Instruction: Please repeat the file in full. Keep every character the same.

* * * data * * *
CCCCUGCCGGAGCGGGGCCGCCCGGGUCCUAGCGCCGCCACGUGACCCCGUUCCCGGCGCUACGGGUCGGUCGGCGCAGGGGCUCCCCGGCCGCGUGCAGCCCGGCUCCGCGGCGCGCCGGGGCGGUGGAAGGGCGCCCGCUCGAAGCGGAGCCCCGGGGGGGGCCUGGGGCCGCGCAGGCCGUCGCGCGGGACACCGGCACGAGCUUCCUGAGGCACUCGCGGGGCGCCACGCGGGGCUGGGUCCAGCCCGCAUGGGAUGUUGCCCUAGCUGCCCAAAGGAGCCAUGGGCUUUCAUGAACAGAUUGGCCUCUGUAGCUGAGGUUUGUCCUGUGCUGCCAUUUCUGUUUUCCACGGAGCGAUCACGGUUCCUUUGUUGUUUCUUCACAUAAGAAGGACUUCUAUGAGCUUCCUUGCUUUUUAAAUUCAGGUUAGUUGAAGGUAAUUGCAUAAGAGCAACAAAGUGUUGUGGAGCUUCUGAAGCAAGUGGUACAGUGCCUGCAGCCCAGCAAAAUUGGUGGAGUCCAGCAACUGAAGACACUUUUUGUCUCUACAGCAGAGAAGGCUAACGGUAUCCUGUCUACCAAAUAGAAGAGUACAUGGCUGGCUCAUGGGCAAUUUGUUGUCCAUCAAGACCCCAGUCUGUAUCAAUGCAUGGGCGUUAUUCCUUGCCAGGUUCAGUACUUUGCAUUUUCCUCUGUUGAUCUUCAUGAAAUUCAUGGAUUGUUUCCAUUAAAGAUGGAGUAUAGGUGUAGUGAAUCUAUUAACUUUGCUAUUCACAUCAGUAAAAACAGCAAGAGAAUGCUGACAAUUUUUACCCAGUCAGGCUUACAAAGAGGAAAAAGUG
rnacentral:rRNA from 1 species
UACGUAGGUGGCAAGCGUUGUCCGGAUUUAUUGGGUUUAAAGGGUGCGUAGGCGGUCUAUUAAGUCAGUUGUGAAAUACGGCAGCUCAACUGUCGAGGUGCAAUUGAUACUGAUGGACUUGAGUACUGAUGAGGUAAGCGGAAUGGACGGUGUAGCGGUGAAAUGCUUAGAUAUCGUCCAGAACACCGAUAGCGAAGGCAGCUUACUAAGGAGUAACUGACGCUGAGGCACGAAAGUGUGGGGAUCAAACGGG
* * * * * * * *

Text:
CCCCUGCCGGAGCGGGGCCGCCCGGGUCCUAGCGCCGCCACGUGACCCCGUUCCCGGCGCUACGGGUCGGUCGGCGCAGGGGCUCCCCGGCCGCGUGCAGCCCGGCUCCGCGGCGCGCCGGGGCGGUGGAAGGGCGCCCGCUCGAAGCGGAGCCCCGGGGGGGGCCUGGGGCCGCGCAGGCCGUCGCGCGGGACACCGGCACGAGCUUCCUGAGGCACUCGCGGGGCGCCACGCGGGGCUGGGUCCAGCCCGCAUGGGAUGUUGCCCUAGCUGCCCAAAGGAGCCAUGGGCUUUCAUGAACAGAUUGGCCUCUGUAGCUGAGGUUUGUCCUGUGCUGCCAUUUCUGUUUUCCACGGAGCGAUCACGGUUCCUUUGUUGUUUCUUCACAUAAGAAGGACUUCUAUGAGCUUCCUUGCUUUUUAAAUUCAGGUUAGUUGAAGGUAAUUGCAUAAGAGCAACAAAGUGUUGUGGAGCUUCUGAAGCAAGUGGUACAGUGCCUGCAGCCCAGCAAAAUUGGUGGAGUCCAGCAACUGAAGACACUUUUUGUCUCUACAGCAGAGAAGGCUAACGGUAUCCUGUCUACCAAAUAGAAGAGUACAUGGCUGGCUCAUGGGCAAUUUGUUGUCCAUCAAGACCCCAGUCUGUAUCAAUGCAUGGGCGUUAUUCCUUGCCAGGUUCAGUACUUUGCAUUUUCCUCUGUUGAUCUUCAUGAAAUUCAUGGAUUGUUUCCAUUAAAGAUGGAGUAUAGGUGUAGUGAAUCUAUUAACUUUGCUAUUCACAUCAGUAAAAACAGCAAGAGAAUGCUGACAAUUUUUACCCAGUCAGGCUUACAAAGAGGAAAAAGUG
rnacentral:rRNA from 1 species
UACGUAGGUGGCAAGCGUUGUCCGGAUUUAUUGGGUUUAAAGGGUGCGUAGGCGGUCUAUUAAGUCAGUUGUGAAAUACGGCAGCUCAACUGUCGAGGUGCAAUUGAUACUGAUGGACUUGAGUACUGAUGAGGUAAGCGGAAUGGACGGUGUAGCGGUGAAAUGCUUAGAUAUCGUCCAGAACACCGAUAGCGAAGGCAGCUUACUAAGGAGUAACUGACGCUGAGGCACGAAAGUGUGGGGAUCAAACGGG